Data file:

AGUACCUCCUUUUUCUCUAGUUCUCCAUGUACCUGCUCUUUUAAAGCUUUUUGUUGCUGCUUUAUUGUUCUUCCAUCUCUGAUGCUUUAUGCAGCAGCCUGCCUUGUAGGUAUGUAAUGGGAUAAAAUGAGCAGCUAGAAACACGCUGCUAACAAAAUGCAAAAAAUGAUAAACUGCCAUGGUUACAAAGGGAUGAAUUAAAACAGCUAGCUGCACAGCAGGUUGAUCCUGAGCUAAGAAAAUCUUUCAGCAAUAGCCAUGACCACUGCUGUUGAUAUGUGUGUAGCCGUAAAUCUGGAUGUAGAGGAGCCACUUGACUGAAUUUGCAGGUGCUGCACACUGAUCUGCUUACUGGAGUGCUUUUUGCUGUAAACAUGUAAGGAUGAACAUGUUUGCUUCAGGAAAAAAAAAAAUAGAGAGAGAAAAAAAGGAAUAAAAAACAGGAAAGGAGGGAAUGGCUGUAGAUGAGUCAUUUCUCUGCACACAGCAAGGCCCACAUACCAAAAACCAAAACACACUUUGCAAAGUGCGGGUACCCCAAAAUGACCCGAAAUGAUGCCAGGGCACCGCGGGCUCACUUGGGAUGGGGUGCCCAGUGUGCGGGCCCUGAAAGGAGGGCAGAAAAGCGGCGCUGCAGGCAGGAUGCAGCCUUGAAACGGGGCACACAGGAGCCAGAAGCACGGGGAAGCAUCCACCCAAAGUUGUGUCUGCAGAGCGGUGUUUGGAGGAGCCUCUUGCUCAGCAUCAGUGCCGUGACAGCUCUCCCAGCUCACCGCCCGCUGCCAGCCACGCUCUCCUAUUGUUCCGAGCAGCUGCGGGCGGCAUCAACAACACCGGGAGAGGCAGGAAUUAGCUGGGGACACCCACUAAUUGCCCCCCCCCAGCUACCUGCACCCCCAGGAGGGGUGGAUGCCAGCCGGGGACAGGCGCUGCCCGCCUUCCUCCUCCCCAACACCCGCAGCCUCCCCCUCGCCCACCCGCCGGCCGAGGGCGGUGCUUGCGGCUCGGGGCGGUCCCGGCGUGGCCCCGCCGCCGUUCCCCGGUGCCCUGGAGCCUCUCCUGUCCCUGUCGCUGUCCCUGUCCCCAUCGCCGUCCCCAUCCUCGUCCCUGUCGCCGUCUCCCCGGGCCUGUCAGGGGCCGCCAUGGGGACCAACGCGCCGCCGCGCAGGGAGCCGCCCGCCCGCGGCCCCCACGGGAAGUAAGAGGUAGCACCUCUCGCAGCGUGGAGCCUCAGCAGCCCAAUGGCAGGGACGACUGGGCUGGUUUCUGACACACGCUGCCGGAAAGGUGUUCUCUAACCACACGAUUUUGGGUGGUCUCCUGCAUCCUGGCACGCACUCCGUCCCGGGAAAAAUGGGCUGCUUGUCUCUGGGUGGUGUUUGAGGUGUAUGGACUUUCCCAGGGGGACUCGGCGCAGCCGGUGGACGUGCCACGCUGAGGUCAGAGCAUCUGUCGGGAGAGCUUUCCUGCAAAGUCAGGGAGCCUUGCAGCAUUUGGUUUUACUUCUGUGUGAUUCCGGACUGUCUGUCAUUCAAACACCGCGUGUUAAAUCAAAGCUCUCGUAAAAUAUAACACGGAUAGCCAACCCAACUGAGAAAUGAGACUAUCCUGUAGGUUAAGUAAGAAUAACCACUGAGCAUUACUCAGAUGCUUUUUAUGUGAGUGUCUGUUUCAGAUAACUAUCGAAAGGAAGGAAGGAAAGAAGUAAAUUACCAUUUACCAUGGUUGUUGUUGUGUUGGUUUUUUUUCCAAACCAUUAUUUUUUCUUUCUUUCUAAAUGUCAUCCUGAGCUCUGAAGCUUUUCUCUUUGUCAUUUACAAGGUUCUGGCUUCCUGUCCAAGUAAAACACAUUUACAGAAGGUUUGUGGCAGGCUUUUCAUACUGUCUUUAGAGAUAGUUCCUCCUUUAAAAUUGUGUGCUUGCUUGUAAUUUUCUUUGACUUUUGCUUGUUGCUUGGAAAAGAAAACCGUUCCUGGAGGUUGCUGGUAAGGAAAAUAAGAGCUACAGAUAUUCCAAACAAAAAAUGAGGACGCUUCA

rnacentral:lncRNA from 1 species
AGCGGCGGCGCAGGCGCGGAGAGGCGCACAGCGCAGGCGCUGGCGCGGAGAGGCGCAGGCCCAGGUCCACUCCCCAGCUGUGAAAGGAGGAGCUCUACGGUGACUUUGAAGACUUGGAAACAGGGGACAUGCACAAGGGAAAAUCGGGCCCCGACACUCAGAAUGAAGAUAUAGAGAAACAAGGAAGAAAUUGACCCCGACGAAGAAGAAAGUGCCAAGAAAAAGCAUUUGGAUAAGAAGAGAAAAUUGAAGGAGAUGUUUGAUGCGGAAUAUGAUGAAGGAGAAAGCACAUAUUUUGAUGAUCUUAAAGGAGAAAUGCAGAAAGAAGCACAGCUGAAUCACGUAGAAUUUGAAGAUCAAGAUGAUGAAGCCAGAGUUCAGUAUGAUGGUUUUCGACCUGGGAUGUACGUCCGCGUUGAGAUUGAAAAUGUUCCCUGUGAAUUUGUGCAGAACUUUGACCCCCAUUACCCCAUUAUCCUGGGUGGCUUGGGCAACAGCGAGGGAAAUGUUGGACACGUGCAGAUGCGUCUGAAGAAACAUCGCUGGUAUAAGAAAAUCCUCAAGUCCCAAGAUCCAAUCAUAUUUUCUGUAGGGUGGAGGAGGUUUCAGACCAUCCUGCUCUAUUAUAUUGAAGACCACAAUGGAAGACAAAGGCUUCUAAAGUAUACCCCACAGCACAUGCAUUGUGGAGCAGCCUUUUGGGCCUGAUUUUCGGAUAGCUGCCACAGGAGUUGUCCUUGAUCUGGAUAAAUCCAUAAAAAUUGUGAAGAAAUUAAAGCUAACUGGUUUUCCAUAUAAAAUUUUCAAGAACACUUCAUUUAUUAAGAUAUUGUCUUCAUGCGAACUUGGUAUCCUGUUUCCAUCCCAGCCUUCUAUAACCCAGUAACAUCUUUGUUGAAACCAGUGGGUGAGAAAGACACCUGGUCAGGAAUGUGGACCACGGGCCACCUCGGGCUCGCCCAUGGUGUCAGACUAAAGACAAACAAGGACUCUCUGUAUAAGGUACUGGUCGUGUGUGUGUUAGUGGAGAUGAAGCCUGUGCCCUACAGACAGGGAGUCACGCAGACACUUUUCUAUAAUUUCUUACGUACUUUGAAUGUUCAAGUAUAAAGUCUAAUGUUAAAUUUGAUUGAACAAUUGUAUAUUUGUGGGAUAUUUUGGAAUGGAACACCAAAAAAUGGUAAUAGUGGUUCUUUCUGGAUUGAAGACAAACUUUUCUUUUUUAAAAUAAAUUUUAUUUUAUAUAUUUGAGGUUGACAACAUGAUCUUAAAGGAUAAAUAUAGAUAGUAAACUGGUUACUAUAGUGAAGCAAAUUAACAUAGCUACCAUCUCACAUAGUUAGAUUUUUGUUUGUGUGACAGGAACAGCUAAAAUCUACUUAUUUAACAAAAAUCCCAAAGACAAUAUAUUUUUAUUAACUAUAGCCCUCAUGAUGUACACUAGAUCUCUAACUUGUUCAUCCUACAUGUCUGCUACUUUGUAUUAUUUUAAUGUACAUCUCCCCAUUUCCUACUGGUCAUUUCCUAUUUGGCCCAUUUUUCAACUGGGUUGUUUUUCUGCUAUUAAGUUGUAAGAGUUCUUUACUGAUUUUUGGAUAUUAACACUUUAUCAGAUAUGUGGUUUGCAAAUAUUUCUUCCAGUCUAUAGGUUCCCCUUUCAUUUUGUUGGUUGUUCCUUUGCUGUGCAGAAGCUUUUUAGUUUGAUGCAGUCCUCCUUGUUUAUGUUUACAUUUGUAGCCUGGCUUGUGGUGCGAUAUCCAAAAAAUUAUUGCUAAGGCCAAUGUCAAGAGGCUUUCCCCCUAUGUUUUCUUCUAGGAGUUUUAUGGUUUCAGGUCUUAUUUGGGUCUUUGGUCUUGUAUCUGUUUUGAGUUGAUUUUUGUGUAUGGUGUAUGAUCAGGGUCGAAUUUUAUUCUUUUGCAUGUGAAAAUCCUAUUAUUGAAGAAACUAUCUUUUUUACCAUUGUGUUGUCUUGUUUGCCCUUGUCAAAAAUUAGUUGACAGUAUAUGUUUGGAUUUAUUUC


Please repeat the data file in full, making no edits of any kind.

AGUACCUCCUUUUUCUCUAGUUCUCCAUGUACCUGCUCUUUUAAAGCUUUUUGUUGCUGCUUUAUUGUUCUUCCAUCUCUGAUGCUUUAUGCAGCAGCCUGCCUUGUAGGUAUGUAAUGGGAUAAAAUGAGCAGCUAGAAACACGCUGCUAACAAAAUGCAAAAAAUGAUAAACUGCCAUGGUUACAAAGGGAUGAAUUAAAACAGCUAGCUGCACAGCAGGUUGAUCCUGAGCUAAGAAAAUCUUUCAGCAAUAGCCAUGACCACUGCUGUUGAUAUGUGUGUAGCCGUAAAUCUGGAUGUAGAGGAGCCACUUGACUGAAUUUGCAGGUGCUGCACACUGAUCUGCUUACUGGAGUGCUUUUUGCUGUAAACAUGUAAGGAUGAACAUGUUUGCUUCAGGAAAAAAAAAAAUAGAGAGAGAAAAAAAGGAAUAAAAAACAGGAAAGGAGGGAAUGGCUGUAGAUGAGUCAUUUCUCUGCACACAGCAAGGCCCACAUACCAAAAACCAAAACACACUUUGCAAAGUGCGGGUACCCCAAAAUGACCCGAAAUGAUGCCAGGGCACCGCGGGCUCACUUGGGAUGGGGUGCCCAGUGUGCGGGCCCUGAAAGGAGGGCAGAAAAGCGGCGCUGCAGGCAGGAUGCAGCCUUGAAACGGGGCACACAGGAGCCAGAAGCACGGGGAAGCAUCCACCCAAAGUUGUGUCUGCAGAGCGGUGUUUGGAGGAGCCUCUUGCUCAGCAUCAGUGCCGUGACAGCUCUCCCAGCUCACCGCCCGCUGCCAGCCACGCUCUCCUAUUGUUCCGAGCAGCUGCGGGCGGCAUCAACAACACCGGGAGAGGCAGGAAUUAGCUGGGGACACCCACUAAUUGCCCCCCCCCAGCUACCUGCACCCCCAGGAGGGGUGGAUGCCAGCCGGGGACAGGCGCUGCCCGCCUUCCUCCUCCCCAACACCCGCAGCCUCCCCCUCGCCCACCCGCCGGCCGAGGGCGGUGCUUGCGGCUCGGGGCGGUCCCGGCGUGGCCCCGCCGCCGUUCCCCGGUGCCCUGGAGCCUCUCCUGUCCCUGUCGCUGUCCCUGUCCCCAUCGCCGUCCCCAUCCUCGUCCCUGUCGCCGUCUCCCCGGGCCUGUCAGGGGCCGCCAUGGGGACCAACGCGCCGCCGCGCAGGGAGCCGCCCGCCCGCGGCCCCCACGGGAAGUAAGAGGUAGCACCUCUCGCAGCGUGGAGCCUCAGCAGCCCAAUGGCAGGGACGACUGGGCUGGUUUCUGACACACGCUGCCGGAAAGGUGUUCUCUAACCACACGAUUUUGGGUGGUCUCCUGCAUCCUGGCACGCACUCCGUCCCGGGAAAAAUGGGCUGCUUGUCUCUGGGUGGUGUUUGAGGUGUAUGGACUUUCCCAGGGGGACUCGGCGCAGCCGGUGGACGUGCCACGCUGAGGUCAGAGCAUCUGUCGGGAGAGCUUUCCUGCAAAGUCAGGGAGCCUUGCAGCAUUUGGUUUUACUUCUGUGUGAUUCCGGACUGUCUGUCAUUCAAACACCGCGUGUUAAAUCAAAGCUCUCGUAAAAUAUAACACGGAUAGCCAACCCAACUGAGAAAUGAGACUAUCCUGUAGGUUAAGUAAGAAUAACCACUGAGCAUUACUCAGAUGCUUUUUAUGUGAGUGUCUGUUUCAGAUAACUAUCGAAAGGAAGGAAGGAAAGAAGUAAAUUACCAUUUACCAUGGUUGUUGUUGUGUUGGUUUUUUUUCCAAACCAUUAUUUUUUCUUUCUUUCUAAAUGUCAUCCUGAGCUCUGAAGCUUUUCUCUUUGUCAUUUACAAGGUUCUGGCUUCCUGUCCAAGUAAAACACAUUUACAGAAGGUUUGUGGCAGGCUUUUCAUACUGUCUUUAGAGAUAGUUCCUCCUUUAAAAUUGUGUGCUUGCUUGUAAUUUUCUUUGACUUUUGCUUGUUGCUUGGAAAAGAAAACCGUUCCUGGAGGUUGCUGGUAAGGAAAAUAAGAGCUACAGAUAUUCCAAACAAAAAAUGAGGACGCUUCA

rnacentral:lncRNA from 1 species
AGCGGCGGCGCAGGCGCGGAGAGGCGCACAGCGCAGGCGCUGGCGCGGAGAGGCGCAGGCCCAGGUCCACUCCCCAGCUGUGAAAGGAGGAGCUCUACGGUGACUUUGAAGACUUGGAAACAGGGGACAUGCACAAGGGAAAAUCGGGCCCCGACACUCAGAAUGAAGAUAUAGAGAAACAAGGAAGAAAUUGACCCCGACGAAGAAGAAAGUGCCAAGAAAAAGCAUUUGGAUAAGAAGAGAAAAUUGAAGGAGAUGUUUGAUGCGGAAUAUGAUGAAGGAGAAAGCACAUAUUUUGAUGAUCUUAAAGGAGAAAUGCAGAAAGAAGCACAGCUGAAUCACGUAGAAUUUGAAGAUCAAGAUGAUGAAGCCAGAGUUCAGUAUGAUGGUUUUCGACCUGGGAUGUACGUCCGCGUUGAGAUUGAAAAUGUUCCCUGUGAAUUUGUGCAGAACUUUGACCCCCAUUACCCCAUUAUCCUGGGUGGCUUGGGCAACAGCGAGGGAAAUGUUGGACACGUGCAGAUGCGUCUGAAGAAACAUCGCUGGUAUAAGAAAAUCCUCAAGUCCCAAGAUCCAAUCAUAUUUUCUGUAGGGUGGAGGAGGUUUCAGACCAUCCUGCUCUAUUAUAUUGAAGACCACAAUGGAAGACAAAGGCUUCUAAAGUAUACCCCACAGCACAUGCAUUGUGGAGCAGCCUUUUGGGCCUGAUUUUCGGAUAGCUGCCACAGGAGUUGUCCUUGAUCUGGAUAAAUCCAUAAAAAUUGUGAAGAAAUUAAAGCUAACUGGUUUUCCAUAUAAAAUUUUCAAGAACACUUCAUUUAUUAAGAUAUUGUCUUCAUGCGAACUUGGUAUCCUGUUUCCAUCCCAGCCUUCUAUAACCCAGUAACAUCUUUGUUGAAACCAGUGGGUGAGAAAGACACCUGGUCAGGAAUGUGGACCACGGGCCACCUCGGGCUCGCCCAUGGUGUCAGACUAAAGACAAACAAGGACUCUCUGUAUAAGGUACUGGUCGUGUGUGUGUUAGUGGAGAUGAAGCCUGUGCCCUACAGACAGGGAGUCACGCAGACACUUUUCUAUAAUUUCUUACGUACUUUGAAUGUUCAAGUAUAAAGUCUAAUGUUAAAUUUGAUUGAACAAUUGUAUAUUUGUGGGAUAUUUUGGAAUGGAACACCAAAAAAUGGUAAUAGUGGUUCUUUCUGGAUUGAAGACAAACUUUUCUUUUUUAAAAUAAAUUUUAUUUUAUAUAUUUGAGGUUGACAACAUGAUCUUAAAGGAUAAAUAUAGAUAGUAAACUGGUUACUAUAGUGAAGCAAAUUAACAUAGCUACCAUCUCACAUAGUUAGAUUUUUGUUUGUGUGACAGGAACAGCUAAAAUCUACUUAUUUAACAAAAAUCCCAAAGACAAUAUAUUUUUAUUAACUAUAGCCCUCAUGAUGUACACUAGAUCUCUAACUUGUUCAUCCUACAUGUCUGCUACUUUGUAUUAUUUUAAUGUACAUCUCCCCAUUUCCUACUGGUCAUUUCCUAUUUGGCCCAUUUUUCAACUGGGUUGUUUUUCUGCUAUUAAGUUGUAAGAGUUCUUUACUGAUUUUUGGAUAUUAACACUUUAUCAGAUAUGUGGUUUGCAAAUAUUUCUUCCAGUCUAUAGGUUCCCCUUUCAUUUUGUUGGUUGUUCCUUUGCUGUGCAGAAGCUUUUUAGUUUGAUGCAGUCCUCCUUGUUUAUGUUUACAUUUGUAGCCUGGCUUGUGGUGCGAUAUCCAAAAAAUUAUUGCUAAGGCCAAUGUCAAGAGGCUUUCCCCCUAUGUUUUCUUCUAGGAGUUUUAUGGUUUCAGGUCUUAUUUGGGUCUUUGGUCUUGUAUCUGUUUUGAGUUGAUUUUUGUGUAUGGUGUAUGAUCAGGGUCGAAUUUUAUUCUUUUGCAUGUGAAAAUCCUAUUAUUGAAGAAACUAUCUUUUUUACCAUUGUGUUGUCUUGUUUGCCCUUGUCAAAAAUUAGUUGACAGUAUAUGUUUGGAUUUAUUUC